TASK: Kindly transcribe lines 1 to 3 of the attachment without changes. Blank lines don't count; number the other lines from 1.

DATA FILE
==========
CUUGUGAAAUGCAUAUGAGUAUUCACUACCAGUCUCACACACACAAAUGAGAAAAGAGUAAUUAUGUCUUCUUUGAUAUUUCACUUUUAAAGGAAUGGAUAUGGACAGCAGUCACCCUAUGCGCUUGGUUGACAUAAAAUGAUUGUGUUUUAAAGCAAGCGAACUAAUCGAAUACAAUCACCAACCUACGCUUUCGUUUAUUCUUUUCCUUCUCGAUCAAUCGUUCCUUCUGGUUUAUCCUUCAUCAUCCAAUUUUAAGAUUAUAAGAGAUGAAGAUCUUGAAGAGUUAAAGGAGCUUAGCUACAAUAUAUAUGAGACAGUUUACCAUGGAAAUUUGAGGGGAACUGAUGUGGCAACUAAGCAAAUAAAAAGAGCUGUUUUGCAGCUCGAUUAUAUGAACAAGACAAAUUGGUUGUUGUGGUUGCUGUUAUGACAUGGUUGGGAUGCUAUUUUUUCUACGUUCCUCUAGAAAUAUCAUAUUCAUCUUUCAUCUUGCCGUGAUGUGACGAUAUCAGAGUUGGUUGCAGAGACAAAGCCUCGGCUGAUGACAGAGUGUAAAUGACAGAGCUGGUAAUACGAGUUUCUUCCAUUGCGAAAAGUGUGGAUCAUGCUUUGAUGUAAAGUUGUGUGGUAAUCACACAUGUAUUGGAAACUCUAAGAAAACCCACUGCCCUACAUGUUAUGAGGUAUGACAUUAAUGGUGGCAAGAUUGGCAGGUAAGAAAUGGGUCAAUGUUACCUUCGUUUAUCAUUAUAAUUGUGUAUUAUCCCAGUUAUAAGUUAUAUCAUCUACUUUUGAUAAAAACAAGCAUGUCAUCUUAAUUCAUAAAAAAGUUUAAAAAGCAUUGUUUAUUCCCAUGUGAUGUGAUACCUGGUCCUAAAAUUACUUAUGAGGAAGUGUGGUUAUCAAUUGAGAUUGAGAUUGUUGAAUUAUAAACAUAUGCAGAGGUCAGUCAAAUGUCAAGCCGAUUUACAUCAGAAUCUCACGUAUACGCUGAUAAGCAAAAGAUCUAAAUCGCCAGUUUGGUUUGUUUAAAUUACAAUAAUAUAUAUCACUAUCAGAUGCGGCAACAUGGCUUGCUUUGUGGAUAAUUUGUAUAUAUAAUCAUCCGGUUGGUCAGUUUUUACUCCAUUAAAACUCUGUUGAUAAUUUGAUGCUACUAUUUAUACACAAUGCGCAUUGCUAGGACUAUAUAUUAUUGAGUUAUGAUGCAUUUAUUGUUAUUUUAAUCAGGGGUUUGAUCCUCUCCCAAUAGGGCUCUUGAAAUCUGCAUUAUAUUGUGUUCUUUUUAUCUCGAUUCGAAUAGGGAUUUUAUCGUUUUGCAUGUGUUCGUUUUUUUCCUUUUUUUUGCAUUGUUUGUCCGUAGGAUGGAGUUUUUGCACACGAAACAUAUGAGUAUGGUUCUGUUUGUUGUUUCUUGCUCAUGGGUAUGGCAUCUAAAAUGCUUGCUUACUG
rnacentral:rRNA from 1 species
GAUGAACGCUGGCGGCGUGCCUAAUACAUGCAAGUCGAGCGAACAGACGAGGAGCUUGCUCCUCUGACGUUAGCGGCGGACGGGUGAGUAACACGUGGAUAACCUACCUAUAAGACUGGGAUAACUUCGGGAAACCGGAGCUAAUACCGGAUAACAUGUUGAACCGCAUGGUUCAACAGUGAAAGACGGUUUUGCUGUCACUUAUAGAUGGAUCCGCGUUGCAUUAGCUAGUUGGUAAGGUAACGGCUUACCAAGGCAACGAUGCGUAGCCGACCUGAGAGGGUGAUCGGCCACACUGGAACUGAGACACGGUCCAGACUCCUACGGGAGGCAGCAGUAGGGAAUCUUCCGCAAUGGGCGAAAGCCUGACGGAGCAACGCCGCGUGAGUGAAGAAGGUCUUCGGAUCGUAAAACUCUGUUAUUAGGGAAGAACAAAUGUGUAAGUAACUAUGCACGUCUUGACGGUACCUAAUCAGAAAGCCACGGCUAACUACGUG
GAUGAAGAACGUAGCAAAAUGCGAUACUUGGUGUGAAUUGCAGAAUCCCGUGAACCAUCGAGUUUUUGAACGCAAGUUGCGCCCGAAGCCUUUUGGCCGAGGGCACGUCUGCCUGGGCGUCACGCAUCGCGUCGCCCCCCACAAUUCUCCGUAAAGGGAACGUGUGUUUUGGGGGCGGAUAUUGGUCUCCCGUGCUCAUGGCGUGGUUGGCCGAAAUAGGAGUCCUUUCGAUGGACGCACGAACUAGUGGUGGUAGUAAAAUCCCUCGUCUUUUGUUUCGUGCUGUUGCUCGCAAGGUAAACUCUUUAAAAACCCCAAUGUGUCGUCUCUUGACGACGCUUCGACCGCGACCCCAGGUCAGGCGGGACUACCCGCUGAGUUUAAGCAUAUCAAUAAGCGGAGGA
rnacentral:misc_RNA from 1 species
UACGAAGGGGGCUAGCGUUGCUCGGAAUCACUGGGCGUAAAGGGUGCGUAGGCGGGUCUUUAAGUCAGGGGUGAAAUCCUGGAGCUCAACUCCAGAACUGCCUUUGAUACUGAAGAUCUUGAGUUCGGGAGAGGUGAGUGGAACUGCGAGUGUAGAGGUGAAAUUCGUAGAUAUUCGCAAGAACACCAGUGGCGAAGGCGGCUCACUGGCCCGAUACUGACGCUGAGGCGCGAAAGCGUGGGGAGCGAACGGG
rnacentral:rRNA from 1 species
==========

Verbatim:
CUUGUGAAAUGCAUAUGAGUAUUCACUACCAGUCUCACACACACAAAUGAGAAAAGAGUAAUUAUGUCUUCUUUGAUAUUUCACUUUUAAAGGAAUGGAUAUGGACAGCAGUCACCCUAUGCGCUUGGUUGACAUAAAAUGAUUGUGUUUUAAAGCAAGCGAACUAAUCGAAUACAAUCACCAACCUACGCUUUCGUUUAUUCUUUUCCUUCUCGAUCAAUCGUUCCUUCUGGUUUAUCCUUCAUCAUCCAAUUUUAAGAUUAUAAGAGAUGAAGAUCUUGAAGAGUUAAAGGAGCUUAGCUACAAUAUAUAUGAGACAGUUUACCAUGGAAAUUUGAGGGGAACUGAUGUGGCAACUAAGCAAAUAAAAAGAGCUGUUUUGCAGCUCGAUUAUAUGAACAAGACAAAUUGGUUGUUGUGGUUGCUGUUAUGACAUGGUUGGGAUGCUAUUUUUUCUACGUUCCUCUAGAAAUAUCAUAUUCAUCUUUCAUCUUGCCGUGAUGUGACGAUAUCAGAGUUGGUUGCAGAGACAAAGCCUCGGCUGAUGACAGAGUGUAAAUGACAGAGCUGGUAAUACGAGUUUCUUCCAUUGCGAAAAGUGUGGAUCAUGCUUUGAUGUAAAGUUGUGUGGUAAUCACACAUGUAUUGGAAACUCUAAGAAAACCCACUGCCCUACAUGUUAUGAGGUAUGACAUUAAUGGUGGCAAGAUUGGCAGGUAAGAAAUGGGUCAAUGUUACCUUCGUUUAUCAUUAUAAUUGUGUAUUAUCCCAGUUAUAAGUUAUAUCAUCUACUUUUGAUAAAAACAAGCAUGUCAUCUUAAUUCAUAAAAAAGUUUAAAAAGCAUUGUUUAUUCCCAUGUGAUGUGAUACCUGGUCCUAAAAUUACUUAUGAGGAAGUGUGGUUAUCAAUUGAGAUUGAGAUUGUUGAAUUAUAAACAUAUGCAGAGGUCAGUCAAAUGUCAAGCCGAUUUACAUCAGAAUCUCACGUAUACGCUGAUAAGCAAAAGAUCUAAAUCGCCAGUUUGGUUUGUUUAAAUUACAAUAAUAUAUAUCACUAUCAGAUGCGGCAACAUGGCUUGCUUUGUGGAUAAUUUGUAUAUAUAAUCAUCCGGUUGGUCAGUUUUUACUCCAUUAAAACUCUGUUGAUAAUUUGAUGCUACUAUUUAUACACAAUGCGCAUUGCUAGGACUAUAUAUUAUUGAGUUAUGAUGCAUUUAUUGUUAUUUUAAUCAGGGGUUUGAUCCUCUCCCAAUAGGGCUCUUGAAAUCUGCAUUAUAUUGUGUUCUUUUUAUCUCGAUUCGAAUAGGGAUUUUAUCGUUUUGCAUGUGUUCGUUUUUUUCCUUUUUUUUGCAUUGUUUGUCCGUAGGAUGGAGUUUUUGCACACGAAACAUAUGAGUAUGGUUCUGUUUGUUGUUUCUUGCUCAUGGGUAUGGCAUCUAAAAUGCUUGCUUACUG
rnacentral:rRNA from 1 species
GAUGAACGCUGGCGGCGUGCCUAAUACAUGCAAGUCGAGCGAACAGACGAGGAGCUUGCUCCUCUGACGUUAGCGGCGGACGGGUGAGUAACACGUGGAUAACCUACCUAUAAGACUGGGAUAACUUCGGGAAACCGGAGCUAAUACCGGAUAACAUGUUGAACCGCAUGGUUCAACAGUGAAAGACGGUUUUGCUGUCACUUAUAGAUGGAUCCGCGUUGCAUUAGCUAGUUGGUAAGGUAACGGCUUACCAAGGCAACGAUGCGUAGCCGACCUGAGAGGGUGAUCGGCCACACUGGAACUGAGACACGGUCCAGACUCCUACGGGAGGCAGCAGUAGGGAAUCUUCCGCAAUGGGCGAAAGCCUGACGGAGCAACGCCGCGUGAGUGAAGAAGGUCUUCGGAUCGUAAAACUCUGUUAUUAGGGAAGAACAAAUGUGUAAGUAACUAUGCACGUCUUGACGGUACCUAAUCAGAAAGCCACGGCUAACUACGUG